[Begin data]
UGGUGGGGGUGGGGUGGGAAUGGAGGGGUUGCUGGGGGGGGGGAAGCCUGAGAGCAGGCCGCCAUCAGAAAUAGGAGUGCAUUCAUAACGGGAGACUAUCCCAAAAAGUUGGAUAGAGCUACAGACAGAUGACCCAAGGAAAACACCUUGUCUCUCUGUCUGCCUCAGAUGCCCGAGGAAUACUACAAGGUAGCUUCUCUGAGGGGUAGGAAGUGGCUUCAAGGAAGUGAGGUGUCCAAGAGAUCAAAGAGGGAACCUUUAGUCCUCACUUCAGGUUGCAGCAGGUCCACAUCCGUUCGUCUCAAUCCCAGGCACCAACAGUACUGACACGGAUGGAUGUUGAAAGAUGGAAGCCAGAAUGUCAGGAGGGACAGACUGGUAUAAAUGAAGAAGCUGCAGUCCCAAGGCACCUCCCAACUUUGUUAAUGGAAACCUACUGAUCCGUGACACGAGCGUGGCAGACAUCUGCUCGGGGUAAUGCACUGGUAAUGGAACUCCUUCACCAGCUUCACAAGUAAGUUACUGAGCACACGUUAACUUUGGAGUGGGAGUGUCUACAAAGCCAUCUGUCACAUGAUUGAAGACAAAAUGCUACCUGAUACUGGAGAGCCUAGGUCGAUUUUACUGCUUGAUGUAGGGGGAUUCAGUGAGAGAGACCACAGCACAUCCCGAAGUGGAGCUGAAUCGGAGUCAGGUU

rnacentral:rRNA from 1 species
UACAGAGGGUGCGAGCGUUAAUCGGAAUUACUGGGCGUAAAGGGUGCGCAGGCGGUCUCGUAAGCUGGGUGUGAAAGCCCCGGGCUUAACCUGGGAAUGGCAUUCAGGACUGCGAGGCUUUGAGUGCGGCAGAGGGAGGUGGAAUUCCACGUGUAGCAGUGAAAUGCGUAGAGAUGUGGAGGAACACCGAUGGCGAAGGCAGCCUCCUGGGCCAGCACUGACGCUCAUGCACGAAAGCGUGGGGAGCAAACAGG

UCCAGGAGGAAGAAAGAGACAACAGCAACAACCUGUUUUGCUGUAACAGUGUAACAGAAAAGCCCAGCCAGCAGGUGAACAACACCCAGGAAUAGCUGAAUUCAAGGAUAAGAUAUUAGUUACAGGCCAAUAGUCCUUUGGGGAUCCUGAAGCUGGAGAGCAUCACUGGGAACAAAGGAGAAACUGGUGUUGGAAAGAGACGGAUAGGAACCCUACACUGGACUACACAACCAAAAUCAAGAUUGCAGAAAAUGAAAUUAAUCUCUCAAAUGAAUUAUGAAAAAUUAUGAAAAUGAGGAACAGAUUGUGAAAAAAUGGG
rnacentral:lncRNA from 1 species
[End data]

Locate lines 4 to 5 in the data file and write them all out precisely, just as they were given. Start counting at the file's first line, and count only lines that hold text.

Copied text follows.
UCCAGGAGGAAGAAAGAGACAACAGCAACAACCUGUUUUGCUGUAACAGUGUAACAGAAAAGCCCAGCCAGCAGGUGAACAACACCCAGGAAUAGCUGAAUUCAAGGAUAAGAUAUUAGUUACAGGCCAAUAGUCCUUUGGGGAUCCUGAAGCUGGAGAGCAUCACUGGGAACAAAGGAGAAACUGGUGUUGGAAAGAGACGGAUAGGAACCCUACACUGGACUACACAACCAAAAUCAAGAUUGCAGAAAAUGAAAUUAAUCUCUCAAAUGAAUUAUGAAAAAUUAUGAAAAUGAGGAACAGAUUGUGAAAAAAUGGG
rnacentral:lncRNA from 1 species